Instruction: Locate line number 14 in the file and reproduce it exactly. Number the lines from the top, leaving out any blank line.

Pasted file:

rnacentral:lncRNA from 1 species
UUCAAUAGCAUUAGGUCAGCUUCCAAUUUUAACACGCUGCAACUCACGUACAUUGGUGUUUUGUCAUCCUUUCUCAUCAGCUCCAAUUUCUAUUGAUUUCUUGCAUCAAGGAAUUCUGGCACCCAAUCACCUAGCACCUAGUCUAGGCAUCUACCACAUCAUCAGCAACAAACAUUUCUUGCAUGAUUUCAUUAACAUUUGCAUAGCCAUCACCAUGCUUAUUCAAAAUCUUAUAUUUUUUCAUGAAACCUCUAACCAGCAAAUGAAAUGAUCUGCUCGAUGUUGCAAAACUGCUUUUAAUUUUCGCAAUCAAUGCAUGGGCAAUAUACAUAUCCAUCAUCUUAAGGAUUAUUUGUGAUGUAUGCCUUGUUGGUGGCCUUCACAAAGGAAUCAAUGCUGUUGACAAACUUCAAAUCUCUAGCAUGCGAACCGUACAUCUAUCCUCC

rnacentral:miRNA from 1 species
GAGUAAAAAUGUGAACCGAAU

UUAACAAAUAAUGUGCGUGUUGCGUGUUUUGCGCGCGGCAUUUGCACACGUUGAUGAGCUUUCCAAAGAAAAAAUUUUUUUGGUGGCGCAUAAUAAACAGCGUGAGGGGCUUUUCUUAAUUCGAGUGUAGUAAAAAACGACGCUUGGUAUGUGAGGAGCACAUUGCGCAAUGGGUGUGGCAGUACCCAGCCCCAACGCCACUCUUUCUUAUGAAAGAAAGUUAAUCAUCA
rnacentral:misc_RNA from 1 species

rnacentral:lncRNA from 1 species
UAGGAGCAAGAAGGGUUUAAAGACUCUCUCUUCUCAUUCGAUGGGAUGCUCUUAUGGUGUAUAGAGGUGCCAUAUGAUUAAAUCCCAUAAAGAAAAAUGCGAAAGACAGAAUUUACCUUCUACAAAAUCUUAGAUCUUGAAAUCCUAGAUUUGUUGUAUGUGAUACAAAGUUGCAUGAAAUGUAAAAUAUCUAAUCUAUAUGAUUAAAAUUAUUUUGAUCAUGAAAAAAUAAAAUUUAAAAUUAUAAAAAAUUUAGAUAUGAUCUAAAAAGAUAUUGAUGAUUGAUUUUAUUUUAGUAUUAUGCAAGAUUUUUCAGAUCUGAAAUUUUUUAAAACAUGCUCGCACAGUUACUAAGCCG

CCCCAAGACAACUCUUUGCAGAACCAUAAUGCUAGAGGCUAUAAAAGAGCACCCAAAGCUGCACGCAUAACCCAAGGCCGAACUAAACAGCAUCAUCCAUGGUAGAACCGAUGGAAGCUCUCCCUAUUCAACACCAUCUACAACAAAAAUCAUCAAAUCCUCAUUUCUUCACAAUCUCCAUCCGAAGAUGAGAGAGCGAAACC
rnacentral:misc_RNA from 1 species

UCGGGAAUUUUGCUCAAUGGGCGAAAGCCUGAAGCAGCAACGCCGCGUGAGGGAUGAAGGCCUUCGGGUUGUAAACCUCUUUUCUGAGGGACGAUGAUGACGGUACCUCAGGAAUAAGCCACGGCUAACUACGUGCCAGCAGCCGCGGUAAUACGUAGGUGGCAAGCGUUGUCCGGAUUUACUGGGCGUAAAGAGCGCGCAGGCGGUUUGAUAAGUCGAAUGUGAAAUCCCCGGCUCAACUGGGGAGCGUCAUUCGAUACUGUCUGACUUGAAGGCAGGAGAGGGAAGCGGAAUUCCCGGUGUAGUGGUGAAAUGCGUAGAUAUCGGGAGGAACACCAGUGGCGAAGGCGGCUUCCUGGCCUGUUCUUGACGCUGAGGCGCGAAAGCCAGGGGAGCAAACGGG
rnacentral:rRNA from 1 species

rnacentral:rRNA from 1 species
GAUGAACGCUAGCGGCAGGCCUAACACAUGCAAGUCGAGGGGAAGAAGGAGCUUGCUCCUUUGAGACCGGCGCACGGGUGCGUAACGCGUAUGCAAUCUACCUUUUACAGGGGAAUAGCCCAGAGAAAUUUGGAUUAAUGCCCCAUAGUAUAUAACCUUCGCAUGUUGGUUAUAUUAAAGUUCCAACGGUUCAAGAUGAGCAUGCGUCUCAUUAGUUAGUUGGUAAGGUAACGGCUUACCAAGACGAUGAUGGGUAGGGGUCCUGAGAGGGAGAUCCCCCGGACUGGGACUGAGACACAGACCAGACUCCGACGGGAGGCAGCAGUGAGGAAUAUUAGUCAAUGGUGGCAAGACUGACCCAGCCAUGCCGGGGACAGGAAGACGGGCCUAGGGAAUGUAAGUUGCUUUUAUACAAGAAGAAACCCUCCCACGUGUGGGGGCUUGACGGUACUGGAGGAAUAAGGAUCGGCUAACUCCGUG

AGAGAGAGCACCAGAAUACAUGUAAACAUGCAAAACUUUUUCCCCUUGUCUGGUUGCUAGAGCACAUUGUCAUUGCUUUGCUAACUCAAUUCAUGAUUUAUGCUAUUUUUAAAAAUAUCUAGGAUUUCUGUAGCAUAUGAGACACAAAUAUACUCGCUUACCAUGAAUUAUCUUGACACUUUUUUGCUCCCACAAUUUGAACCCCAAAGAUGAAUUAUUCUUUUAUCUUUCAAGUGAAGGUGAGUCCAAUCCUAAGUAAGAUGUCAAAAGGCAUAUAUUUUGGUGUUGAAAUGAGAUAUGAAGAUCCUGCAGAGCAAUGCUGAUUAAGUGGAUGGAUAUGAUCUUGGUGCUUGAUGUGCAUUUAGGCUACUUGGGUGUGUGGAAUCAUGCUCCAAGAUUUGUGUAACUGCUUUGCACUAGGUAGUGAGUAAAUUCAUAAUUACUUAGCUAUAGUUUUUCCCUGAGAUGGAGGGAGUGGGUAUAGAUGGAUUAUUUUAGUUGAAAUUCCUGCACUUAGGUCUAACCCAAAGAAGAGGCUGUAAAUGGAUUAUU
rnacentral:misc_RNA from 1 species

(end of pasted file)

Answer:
GAUGAACGCUAGCGGCAGGCCUAACACAUGCAAGUCGAGGGGAAGAAGGAGCUUGCUCCUUUGAGACCGGCGCACGGGUGCGUAACGCGUAUGCAAUCUACCUUUUACAGGGGAAUAGCCCAGAGAAAUUUGGAUUAAUGCCCCAUAGUAUAUAACCUUCGCAUGUUGGUUAUAUUAAAGUUCCAACGGUUCAAGAUGAGCAUGCGUCUCAUUAGUUAGUUGGUAAGGUAACGGCUUACCAAGACGAUGAUGGGUAGGGGUCCUGAGAGGGAGAUCCCCCGGACUGGGACUGAGACACAGACCAGACUCCGACGGGAGGCAGCAGUGAGGAAUAUUAGUCAAUGGUGGCAAGACUGACCCAGCCAUGCCGGGGACAGGAAGACGGGCCUAGGGAAUGUAAGUUGCUUUUAUACAAGAAGAAACCCUCCCACGUGUGGGGGCUUGACGGUACUGGAGGAAUAAGGAUCGGCUAACUCCGUG